Walking behind the waterfall was great. I'd overheard other walkers saying that the water level for the river was quite high and that some of the caves along an alternate route were flooded, this did however may a very powerful, quite beautiful waterfall. Looking at the picture above it appears that I'm walking away from the water when actually both myself and the person taking the picture are behind the waterfall, it's a difficult picture to capture.

We didn't stop often, one 20 minute stop for lunch and a handful of stops at junctions to let the tail enders catch up and not get lost.
The pack mixed up a little, most people got their chance to lead or to follow. At one point we even had a brief climb up a rock face, maybe 12 feet high, if that but my first experience in climbing none the less. Perhaps I'll see about a visit to our local climbing wall, it may be a bit more fun without waterproof clothing and a backpack to worry about.
Come the end of the nine mile walk I was glad to see the car park!
It's an interesting mix of emotions, I had a beaming smile on my face throughout the walk but I was certainly being pushed at come points when trying to clamber up loose rock paths.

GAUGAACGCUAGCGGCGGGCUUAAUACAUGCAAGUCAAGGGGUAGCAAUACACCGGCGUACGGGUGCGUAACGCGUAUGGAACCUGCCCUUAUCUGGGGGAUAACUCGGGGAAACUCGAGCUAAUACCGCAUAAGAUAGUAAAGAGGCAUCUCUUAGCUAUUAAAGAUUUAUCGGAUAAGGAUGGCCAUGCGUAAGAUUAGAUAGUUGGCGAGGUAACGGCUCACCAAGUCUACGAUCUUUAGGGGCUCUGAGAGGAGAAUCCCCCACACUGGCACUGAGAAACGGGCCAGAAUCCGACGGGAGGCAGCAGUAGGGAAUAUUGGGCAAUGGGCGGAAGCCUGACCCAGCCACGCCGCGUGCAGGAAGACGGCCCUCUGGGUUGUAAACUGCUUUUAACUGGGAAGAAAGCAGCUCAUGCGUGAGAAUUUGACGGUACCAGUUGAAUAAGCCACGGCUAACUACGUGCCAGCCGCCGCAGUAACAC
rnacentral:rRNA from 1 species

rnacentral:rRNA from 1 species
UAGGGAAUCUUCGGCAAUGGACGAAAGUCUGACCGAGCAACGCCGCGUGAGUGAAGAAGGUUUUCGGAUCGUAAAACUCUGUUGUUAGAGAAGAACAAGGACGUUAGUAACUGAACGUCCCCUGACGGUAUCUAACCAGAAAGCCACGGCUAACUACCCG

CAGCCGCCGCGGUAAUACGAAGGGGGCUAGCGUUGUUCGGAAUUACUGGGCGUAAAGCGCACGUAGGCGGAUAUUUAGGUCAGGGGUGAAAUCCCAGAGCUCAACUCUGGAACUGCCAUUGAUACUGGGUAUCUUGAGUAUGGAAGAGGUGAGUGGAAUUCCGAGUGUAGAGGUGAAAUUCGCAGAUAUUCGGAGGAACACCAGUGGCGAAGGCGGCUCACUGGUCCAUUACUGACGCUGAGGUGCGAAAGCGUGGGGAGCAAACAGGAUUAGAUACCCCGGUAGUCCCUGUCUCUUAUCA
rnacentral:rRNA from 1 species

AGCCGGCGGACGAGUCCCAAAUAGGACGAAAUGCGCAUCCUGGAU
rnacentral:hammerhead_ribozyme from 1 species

Hopefully there will be another walk over the Surrey Downs this coming Sunday.

Thursday, October 17, 2013

Tech On Order

I've made a contribution to a Kickstarter project to produce a new smart watch. The Kreyos uses a low power screen to enable you to see messages, information and of course the time.
I'm hoping that the watch will help provide information on my training and on the challenge itself, perhaps by not using the screen on the phone so much it will save on battery power.
I don't intend to go on the walks overladen with technology but I do hope to use sufficient tools to measure and improve my training.

Timings 2

Currently using "Map My Walk" which is more accurate than looking back at the Google Location History.
My walk to the office on Monday was 1hr 42min. While that appears to be slower than the first walk it's only by a minute and I believe that the first measurement may have been short.
I like the look of the "Map My Walk" site and suspect I'll be using this from now on. With a consistent form of measurement it will be easier to compare the times.

Today I walked from home to the station in 32min 58sec, that's from the front door to the entrance of the station.

I'll be mixing full walks from home to work with station walks still. I'll probably not use the bike for a while as it's a walk that I'm preparing for.

Bringing The Bits Together

It's looking more and more likely that I will be taking part in the National Three Peaks Challenge.